Sunday September 16th 2012
On Sunday we teleported to the Sun Inn at Calbourne from where we could embark on a journey around the south-western section of the Isle of Wight. Although anticipated from prior map research, it soon became noticeable that there is little flat territory on the island; you are either pedalling three-penny bits up a long hill or rolling down the other side. There's no relaxing on the way downhill as one can generally see the next climb out of the valley or chine. I normally enjoy hill climbing on a bike but pulling our boxer dog in a trailer adds an extra 55lbs to the weight to be hauled up the slope. Still, the effort works up a thirst for a beer!
First things first, we took the dog to the beach so she could get it out of her system. She enjoys riding in her trailer but looks forward to her free runs at regular intervals. So we headed to Brook Bay in order for her to play in the sea. Libby is an old boot now so it was poignant to witness another two year-old boxer, full of beans, running around begging her to play. I think Libby was envious of the athleticism of the younger dog. We didn't realise at the time but this would be the last holiday we would enjoy with her.
Despite access being relatively easy, Brook Chine and Brook Bay appears to be one of the lesser-visited beaches, though we were near the end of the season so perhaps this is not the case in high summer. Brook is an attractive village. From the church up on the hill the chine has been landscaped alongside some ribbon development and opens out at a green where the old lifeboat station still stands. Many lives were saved from the time the station was established in the mid-19th century up until its closure in 1937. Interestingly, the door faces inland but this was so that it could be opened during a fierce storm. From Brook Chine we pedalled a short distance to Shippards Chine, a part of the coast that attracts a large number of visitors. The key attraction is supposed to be the dinosaur fossils though lazy arses who can't be bothered walking down the steps to the beach focus more on the erosion of the car park. Above you can see Shippards Chine's disabled parking facility, or whats left of it! By the way, we would be back in this area very soon in order to visit the Sun Inn at Hulverstone.
From Shippards Chine we followed the Military Road overlooking Compton Bay. There are excellent views of the rugged coastline as you head towards the famous Wight Cliffs. The contours on the map told the tale that there was a steady climb up to Compton Down. As we neared the bottom of the climb I spotted a cyclist up the road who had got shipped out of the back of a small group of club riders. Maybe, I thought, I could bridge up to him. I was pulling the dog trailer but I was feeling good. It was a fairly breezy day with a slight chill in the air but I soon warmed up as I stamped on the pedals with some gusto. As the gradient increased I looked up. The gap was coming down. This encouraged me to give it full gas and I slowly reeled him in. Just before the crest of the hill I came up alongside him and bade him "Good Morning." He looked across. Then he looked down at the dog in the trailer. This destroyed him. He had been overtaken by a bloke on a shopping bike hauling a dog up the hill. But then I thought to myself : The poor chap, it will be a long time, if ever, before he gets over this. I think that the dog even felt a bit sorry for him.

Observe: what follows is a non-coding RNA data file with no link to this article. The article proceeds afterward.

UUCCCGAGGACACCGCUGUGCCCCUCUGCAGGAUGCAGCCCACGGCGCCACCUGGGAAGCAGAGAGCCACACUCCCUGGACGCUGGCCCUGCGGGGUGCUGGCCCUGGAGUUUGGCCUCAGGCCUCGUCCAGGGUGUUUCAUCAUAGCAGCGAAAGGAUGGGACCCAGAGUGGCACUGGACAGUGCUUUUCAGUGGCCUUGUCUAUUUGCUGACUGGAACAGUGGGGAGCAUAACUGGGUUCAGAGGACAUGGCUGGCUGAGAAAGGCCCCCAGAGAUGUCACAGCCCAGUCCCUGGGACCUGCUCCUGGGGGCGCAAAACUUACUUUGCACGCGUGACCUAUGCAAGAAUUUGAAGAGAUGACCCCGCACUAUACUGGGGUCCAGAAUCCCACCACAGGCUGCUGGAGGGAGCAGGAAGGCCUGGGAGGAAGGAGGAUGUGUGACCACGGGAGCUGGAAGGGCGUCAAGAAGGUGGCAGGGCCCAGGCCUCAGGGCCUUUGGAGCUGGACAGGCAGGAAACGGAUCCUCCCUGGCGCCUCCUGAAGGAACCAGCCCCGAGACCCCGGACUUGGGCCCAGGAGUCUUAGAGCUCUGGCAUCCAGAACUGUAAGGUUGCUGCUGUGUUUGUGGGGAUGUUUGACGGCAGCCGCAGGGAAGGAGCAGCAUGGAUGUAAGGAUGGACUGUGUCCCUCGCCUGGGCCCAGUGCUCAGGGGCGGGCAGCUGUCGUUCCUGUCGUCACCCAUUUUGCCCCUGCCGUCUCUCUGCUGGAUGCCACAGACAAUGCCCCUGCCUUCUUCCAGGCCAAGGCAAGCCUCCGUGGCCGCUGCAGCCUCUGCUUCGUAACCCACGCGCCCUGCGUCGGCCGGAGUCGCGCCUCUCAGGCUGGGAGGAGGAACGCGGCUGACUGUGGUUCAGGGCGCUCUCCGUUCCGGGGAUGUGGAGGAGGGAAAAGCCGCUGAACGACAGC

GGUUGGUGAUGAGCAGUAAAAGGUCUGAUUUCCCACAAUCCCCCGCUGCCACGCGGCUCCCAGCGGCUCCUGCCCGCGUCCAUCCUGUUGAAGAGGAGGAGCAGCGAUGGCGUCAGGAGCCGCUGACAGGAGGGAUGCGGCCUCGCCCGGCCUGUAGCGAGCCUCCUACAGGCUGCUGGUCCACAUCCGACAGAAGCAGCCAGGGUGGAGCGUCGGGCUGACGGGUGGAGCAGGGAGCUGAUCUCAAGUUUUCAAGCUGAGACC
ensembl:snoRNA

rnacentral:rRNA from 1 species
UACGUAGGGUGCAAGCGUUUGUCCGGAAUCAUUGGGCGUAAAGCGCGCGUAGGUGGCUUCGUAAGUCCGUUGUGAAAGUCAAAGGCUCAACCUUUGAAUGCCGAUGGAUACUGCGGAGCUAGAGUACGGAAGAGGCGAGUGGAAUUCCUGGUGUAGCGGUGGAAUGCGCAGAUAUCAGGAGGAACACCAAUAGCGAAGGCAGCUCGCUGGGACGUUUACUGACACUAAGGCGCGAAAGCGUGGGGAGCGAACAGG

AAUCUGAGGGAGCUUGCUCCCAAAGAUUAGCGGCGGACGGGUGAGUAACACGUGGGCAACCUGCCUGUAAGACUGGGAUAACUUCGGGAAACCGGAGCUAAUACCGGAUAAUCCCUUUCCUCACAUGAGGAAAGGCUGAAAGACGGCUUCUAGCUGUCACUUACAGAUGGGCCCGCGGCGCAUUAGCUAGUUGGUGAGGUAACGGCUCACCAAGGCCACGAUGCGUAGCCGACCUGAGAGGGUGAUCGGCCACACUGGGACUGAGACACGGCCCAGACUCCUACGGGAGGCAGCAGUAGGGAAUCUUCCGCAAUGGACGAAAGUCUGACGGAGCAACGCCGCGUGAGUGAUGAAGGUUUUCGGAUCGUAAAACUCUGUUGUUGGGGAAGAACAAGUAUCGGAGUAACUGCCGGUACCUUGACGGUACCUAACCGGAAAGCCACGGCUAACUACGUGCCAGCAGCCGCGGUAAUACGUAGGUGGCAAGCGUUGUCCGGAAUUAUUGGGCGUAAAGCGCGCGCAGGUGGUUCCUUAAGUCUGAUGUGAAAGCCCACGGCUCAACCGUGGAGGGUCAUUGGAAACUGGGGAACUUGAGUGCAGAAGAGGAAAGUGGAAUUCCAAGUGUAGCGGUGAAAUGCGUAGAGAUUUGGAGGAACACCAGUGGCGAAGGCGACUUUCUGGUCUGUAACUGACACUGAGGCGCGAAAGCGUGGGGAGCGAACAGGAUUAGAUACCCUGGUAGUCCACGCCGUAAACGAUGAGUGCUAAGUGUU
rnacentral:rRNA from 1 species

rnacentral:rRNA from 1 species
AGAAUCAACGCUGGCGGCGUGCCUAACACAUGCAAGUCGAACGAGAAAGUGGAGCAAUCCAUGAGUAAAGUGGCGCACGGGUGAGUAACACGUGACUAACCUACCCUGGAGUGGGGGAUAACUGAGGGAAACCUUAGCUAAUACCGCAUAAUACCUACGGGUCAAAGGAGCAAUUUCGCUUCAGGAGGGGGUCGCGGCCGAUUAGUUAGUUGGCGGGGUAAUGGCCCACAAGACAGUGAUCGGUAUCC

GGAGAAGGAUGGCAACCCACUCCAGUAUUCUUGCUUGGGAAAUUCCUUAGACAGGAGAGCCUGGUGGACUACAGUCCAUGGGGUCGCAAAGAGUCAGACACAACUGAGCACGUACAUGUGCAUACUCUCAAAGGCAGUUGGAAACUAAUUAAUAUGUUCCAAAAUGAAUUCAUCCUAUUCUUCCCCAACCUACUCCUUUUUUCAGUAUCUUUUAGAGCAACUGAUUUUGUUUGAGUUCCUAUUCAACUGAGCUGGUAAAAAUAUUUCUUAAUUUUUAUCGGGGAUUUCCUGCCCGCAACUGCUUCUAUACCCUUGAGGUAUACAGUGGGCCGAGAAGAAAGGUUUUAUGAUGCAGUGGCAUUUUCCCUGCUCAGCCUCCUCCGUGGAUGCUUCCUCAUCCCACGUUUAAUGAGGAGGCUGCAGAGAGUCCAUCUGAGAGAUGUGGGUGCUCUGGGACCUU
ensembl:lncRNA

We descended off Compton Down to Freshwater Bay. Having cycled along a gravel track to what looked like the main entrance of the Sandpiper's Hotel, we discovered that we were at the tradesmen's door or the arse end of the building. This made the Sandpiper's about as inviting as the forlorn-looking Albion Hotel. Besides, I had read beforehand that the old Edwardian interior had been ripped out in a recent refurbishment so it would have been hard to witness the 'contemporary' furnishings installed in its place. Instead, we cycled along The Causeway and across the beautiful Afton Marsh Local Nature Reserve which presents one of the best scenes of the island's interior. An open expanse of water, reeds, ducks, and the magnificent tower of All Saints' Church forming the backdrop. I can think of no better place to drop in a quote from John Hillaby who wrote: "Few things are more pleasant than a village graced with a good church, a good priest and a good pub." I have no idea whether the vicar is a good egg, but Freshwater certainly has a very fine pub next to its elegant church.
We pedalled up the slope from Afton Marsh to the Red Lion at Freshwater. It was Sunday lunchtime and the place was heaving. I have been cycling with our dog in a trailer for a number of years so I have got used to people pointing at us as we sail by. To me taking the dog for a spin seems a perfectly natural thing to do. However, to many folks the sight of a boxer dog being trundled along the road makes them go all gooey-gaga. Accordingly, as we rolled up to the front of the Red Lion many faces suddenly appeared at the windows as people pressed their noses against the glass to glimpse Libby in her chariot. Some people actually came outside for a close-up. Over the week, our four-legged cyclist became something of a tourist attraction on the island. She was photographed by locals and holidaymakers so many times I was beginning to feel a little empathy for Alfred Tennyson who was pestered by tourists when he lived on the island. And here we were in the town he made his home for a number of years. The poet laureate endeared himself to the local populace as he would often chew the cud with ordinary folk across the garden gate, showing an interest in the lives they led. It is highly plausible that he walked into the Red Lion from time-to-time to enjoy a jar of ale.